The Securities Appellate Tribunal (SAT), by a majority order, gave Financial Technologies India limited (FTIL) four weeks to divest its shares in bourses, including MCX-SX.
"An order passed by one regulator would have to de-facto apply to other regulators and not following this principle would defeat the spirit of regulation," Presiding Officer J P Devdhar said.
He said the moot question was if the orders of one regulator have a bearing on others, and ruled in favour of Sebi, saying the trades regulated by the commodity markets regulator Forward Markets Commission (FMC) are similar to those taken care of by Sebi.
Sebi's order had followed a similar directive by the FMC after a Rs 5,600-crore payment scam in NSEL came to light. FTIL owned 99.99 per cent of NSEL.
SAT member A S Lamba gave a contrarian view and termed Sebi order as "unprofessional".
Devadhar said that as the 90-day window granted to FTIL by SEBI for divesting its stakes had already expired, the company can take another four weeks to exit its holdings.
FTIL owns 26 per cent in commodities bourse MCX and has a 70 per cent stake in MCX-SX and MCX-SX Clearing Corporation. Its MCX-SX ownership is at 5 per cent through equity and the rest through convertible warrants.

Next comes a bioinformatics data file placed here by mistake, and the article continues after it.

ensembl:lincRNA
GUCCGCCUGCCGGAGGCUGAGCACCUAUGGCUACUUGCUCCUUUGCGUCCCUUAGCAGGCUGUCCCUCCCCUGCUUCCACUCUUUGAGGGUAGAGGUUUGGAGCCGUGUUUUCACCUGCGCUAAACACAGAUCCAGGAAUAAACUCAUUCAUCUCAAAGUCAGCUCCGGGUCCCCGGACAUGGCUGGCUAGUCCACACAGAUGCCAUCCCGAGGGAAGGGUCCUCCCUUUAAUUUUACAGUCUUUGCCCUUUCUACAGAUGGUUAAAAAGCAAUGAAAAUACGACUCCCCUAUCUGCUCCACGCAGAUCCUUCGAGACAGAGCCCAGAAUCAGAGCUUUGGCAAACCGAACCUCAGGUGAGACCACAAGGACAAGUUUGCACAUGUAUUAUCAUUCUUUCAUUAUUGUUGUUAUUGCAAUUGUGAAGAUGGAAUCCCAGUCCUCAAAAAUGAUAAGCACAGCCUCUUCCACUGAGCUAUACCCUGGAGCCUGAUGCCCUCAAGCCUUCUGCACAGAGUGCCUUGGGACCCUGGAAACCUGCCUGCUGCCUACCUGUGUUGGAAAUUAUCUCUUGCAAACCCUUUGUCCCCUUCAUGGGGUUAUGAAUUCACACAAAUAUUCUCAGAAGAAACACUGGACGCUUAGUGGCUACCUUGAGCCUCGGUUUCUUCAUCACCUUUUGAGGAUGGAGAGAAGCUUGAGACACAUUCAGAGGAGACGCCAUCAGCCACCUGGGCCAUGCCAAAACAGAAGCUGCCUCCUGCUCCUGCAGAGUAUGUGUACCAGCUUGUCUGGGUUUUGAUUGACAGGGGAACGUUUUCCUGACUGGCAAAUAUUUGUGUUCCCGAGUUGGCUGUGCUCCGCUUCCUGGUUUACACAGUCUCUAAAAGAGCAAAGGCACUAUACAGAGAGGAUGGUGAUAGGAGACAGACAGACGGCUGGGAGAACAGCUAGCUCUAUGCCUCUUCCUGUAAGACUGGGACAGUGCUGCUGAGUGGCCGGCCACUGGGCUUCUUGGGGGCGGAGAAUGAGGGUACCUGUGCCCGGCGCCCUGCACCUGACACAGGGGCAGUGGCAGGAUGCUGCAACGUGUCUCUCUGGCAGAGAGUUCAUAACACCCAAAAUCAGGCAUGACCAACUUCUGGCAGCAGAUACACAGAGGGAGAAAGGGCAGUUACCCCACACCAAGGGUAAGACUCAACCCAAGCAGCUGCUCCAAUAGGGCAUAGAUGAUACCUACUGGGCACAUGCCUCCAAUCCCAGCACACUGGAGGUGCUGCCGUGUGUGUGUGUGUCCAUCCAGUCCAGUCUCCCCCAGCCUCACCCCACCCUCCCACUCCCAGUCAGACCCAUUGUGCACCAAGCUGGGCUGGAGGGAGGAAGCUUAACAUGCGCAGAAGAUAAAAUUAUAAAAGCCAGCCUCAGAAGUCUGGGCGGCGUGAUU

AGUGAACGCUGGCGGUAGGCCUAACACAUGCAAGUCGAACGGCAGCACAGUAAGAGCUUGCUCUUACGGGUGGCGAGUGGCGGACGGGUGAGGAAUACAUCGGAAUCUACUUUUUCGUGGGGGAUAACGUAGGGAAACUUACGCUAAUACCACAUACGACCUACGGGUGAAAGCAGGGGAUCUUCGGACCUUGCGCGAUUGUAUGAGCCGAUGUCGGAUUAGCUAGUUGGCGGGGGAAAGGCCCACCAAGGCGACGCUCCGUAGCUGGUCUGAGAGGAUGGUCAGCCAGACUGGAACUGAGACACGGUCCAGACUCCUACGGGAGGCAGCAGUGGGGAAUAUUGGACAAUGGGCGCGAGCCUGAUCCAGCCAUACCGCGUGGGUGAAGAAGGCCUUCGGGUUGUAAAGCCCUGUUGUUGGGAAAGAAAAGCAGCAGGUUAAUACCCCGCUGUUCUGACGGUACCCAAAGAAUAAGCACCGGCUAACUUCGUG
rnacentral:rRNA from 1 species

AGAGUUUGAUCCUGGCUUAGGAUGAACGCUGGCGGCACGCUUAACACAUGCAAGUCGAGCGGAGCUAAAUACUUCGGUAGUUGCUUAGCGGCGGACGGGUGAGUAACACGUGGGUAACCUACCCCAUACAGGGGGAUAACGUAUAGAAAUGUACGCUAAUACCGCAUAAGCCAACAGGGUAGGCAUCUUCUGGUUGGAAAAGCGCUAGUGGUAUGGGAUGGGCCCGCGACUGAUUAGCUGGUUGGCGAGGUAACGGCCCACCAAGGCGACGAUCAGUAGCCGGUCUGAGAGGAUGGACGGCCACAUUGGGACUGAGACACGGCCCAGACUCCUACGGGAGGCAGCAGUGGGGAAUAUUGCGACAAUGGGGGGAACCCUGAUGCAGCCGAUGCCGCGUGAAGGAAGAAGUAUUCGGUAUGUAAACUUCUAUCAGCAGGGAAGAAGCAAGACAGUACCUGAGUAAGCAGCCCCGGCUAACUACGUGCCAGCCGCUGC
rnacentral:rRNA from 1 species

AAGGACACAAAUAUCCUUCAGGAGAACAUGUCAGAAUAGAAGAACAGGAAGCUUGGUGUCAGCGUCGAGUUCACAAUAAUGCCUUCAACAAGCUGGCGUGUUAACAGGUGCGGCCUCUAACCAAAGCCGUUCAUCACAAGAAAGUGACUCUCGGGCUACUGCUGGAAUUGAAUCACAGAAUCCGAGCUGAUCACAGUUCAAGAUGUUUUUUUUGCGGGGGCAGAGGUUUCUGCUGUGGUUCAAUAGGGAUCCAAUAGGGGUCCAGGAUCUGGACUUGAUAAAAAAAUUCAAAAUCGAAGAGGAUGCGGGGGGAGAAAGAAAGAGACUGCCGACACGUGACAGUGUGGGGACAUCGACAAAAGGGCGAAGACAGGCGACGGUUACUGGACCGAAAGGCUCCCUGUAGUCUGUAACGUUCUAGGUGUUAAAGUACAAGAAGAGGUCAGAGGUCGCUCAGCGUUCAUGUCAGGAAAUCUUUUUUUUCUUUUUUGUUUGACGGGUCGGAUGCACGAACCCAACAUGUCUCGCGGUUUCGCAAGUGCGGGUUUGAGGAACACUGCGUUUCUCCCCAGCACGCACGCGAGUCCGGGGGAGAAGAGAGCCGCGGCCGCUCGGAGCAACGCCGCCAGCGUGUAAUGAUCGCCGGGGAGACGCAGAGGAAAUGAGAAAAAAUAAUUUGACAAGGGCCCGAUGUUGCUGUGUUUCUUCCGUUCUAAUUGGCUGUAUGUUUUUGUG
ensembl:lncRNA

At the time of the Sebi order, FTIL and MCX held just under 5 per cent stake in the stock exchange MCX-SX.
FTIL and MCX had 4.99 per cent stake each in the stock exchange as on March, 2014.
The troubled company also has stakes in the Delhi Stock Exchange and Vadodara Stock Exchange in addition to a small holding in the NSE.
The Securities and Exchange Board of India (Sebi) had passed an order on March 19 stating that FTIL was not "fit and proper" to hold any stakes in any of these exchanges.
The Sebi order followed a similar one on December 17, 2013, by commodities watchdog FMC against the company and its promoter Jignesh Shah and key officials like Joseph Massey.